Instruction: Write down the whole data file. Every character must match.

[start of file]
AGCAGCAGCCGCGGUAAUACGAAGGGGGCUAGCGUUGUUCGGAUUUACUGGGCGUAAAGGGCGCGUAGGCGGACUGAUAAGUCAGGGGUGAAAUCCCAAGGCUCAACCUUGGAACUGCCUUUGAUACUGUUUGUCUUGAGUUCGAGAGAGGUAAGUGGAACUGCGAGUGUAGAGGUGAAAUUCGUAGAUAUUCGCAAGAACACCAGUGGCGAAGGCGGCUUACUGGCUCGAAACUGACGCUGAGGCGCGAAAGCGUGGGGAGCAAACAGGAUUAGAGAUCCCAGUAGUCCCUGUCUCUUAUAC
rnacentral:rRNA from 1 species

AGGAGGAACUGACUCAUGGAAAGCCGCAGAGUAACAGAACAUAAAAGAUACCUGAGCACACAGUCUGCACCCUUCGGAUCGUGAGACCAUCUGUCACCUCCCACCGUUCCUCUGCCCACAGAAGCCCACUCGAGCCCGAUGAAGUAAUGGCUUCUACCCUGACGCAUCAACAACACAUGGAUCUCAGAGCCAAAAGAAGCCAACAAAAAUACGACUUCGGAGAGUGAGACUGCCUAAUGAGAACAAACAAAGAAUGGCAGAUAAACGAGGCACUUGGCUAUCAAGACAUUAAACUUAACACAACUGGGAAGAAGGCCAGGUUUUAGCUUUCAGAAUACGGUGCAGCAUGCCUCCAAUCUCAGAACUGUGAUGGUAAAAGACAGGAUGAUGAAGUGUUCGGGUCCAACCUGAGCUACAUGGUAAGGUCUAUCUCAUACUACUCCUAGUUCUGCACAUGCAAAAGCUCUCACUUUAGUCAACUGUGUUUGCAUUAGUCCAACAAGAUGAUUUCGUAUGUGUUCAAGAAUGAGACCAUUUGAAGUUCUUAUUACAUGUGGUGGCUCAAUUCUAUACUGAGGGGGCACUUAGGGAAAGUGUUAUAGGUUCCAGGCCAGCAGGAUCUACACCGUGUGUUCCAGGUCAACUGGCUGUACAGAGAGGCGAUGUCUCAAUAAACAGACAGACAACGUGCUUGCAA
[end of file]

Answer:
AGCAGCAGCCGCGGUAAUACGAAGGGGGCUAGCGUUGUUCGGAUUUACUGGGCGUAAAGGGCGCGUAGGCGGACUGAUAAGUCAGGGGUGAAAUCCCAAGGCUCAACCUUGGAACUGCCUUUGAUACUGUUUGUCUUGAGUUCGAGAGAGGUAAGUGGAACUGCGAGUGUAGAGGUGAAAUUCGUAGAUAUUCGCAAGAACACCAGUGGCGAAGGCGGCUUACUGGCUCGAAACUGACGCUGAGGCGCGAAAGCGUGGGGAGCAAACAGGAUUAGAGAUCCCAGUAGUCCCUGUCUCUUAUAC
rnacentral:rRNA from 1 species

AGGAGGAACUGACUCAUGGAAAGCCGCAGAGUAACAGAACAUAAAAGAUACCUGAGCACACAGUCUGCACCCUUCGGAUCGUGAGACCAUCUGUCACCUCCCACCGUUCCUCUGCCCACAGAAGCCCACUCGAGCCCGAUGAAGUAAUGGCUUCUACCCUGACGCAUCAACAACACAUGGAUCUCAGAGCCAAAAGAAGCCAACAAAAAUACGACUUCGGAGAGUGAGACUGCCUAAUGAGAACAAACAAAGAAUGGCAGAUAAACGAGGCACUUGGCUAUCAAGACAUUAAACUUAACACAACUGGGAAGAAGGCCAGGUUUUAGCUUUCAGAAUACGGUGCAGCAUGCCUCCAAUCUCAGAACUGUGAUGGUAAAAGACAGGAUGAUGAAGUGUUCGGGUCCAACCUGAGCUACAUGGUAAGGUCUAUCUCAUACUACUCCUAGUUCUGCACAUGCAAAAGCUCUCACUUUAGUCAACUGUGUUUGCAUUAGUCCAACAAGAUGAUUUCGUAUGUGUUCAAGAAUGAGACCAUUUGAAGUUCUUAUUACAUGUGGUGGCUCAAUUCUAUACUGAGGGGGCACUUAGGGAAAGUGUUAUAGGUUCCAGGCCAGCAGGAUCUACACCGUGUGUUCCAGGUCAACUGGCUGUACAGAGAGGCGAUGUCUCAAUAAACAGACAGACAACGUGCUUGCAA